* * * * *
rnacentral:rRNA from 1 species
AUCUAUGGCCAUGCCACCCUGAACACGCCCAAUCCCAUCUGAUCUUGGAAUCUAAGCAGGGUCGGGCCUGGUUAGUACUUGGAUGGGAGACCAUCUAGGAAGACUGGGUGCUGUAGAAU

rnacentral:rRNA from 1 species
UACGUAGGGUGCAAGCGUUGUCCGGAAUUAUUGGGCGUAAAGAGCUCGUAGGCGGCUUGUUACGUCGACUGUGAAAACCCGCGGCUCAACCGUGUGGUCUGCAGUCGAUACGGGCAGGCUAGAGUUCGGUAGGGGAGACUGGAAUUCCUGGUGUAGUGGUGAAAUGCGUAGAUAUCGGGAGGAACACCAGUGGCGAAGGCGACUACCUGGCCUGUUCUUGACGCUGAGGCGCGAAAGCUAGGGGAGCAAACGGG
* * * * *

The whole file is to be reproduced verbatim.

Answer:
rnacentral:rRNA from 1 species
AUCUAUGGCCAUGCCACCCUGAACACGCCCAAUCCCAUCUGAUCUUGGAAUCUAAGCAGGGUCGGGCCUGGUUAGUACUUGGAUGGGAGACCAUCUAGGAAGACUGGGUGCUGUAGAAU

rnacentral:rRNA from 1 species
UACGUAGGGUGCAAGCGUUGUCCGGAAUUAUUGGGCGUAAAGAGCUCGUAGGCGGCUUGUUACGUCGACUGUGAAAACCCGCGGCUCAACCGUGUGGUCUGCAGUCGAUACGGGCAGGCUAGAGUUCGGUAGGGGAGACUGGAAUUCCUGGUGUAGUGGUGAAAUGCGUAGAUAUCGGGAGGAACACCAGUGGCGAAGGCGACUACCUGGCCUGUUCUUGACGCUGAGGCGCGAAAGCUAGGGGAGCAAACGGG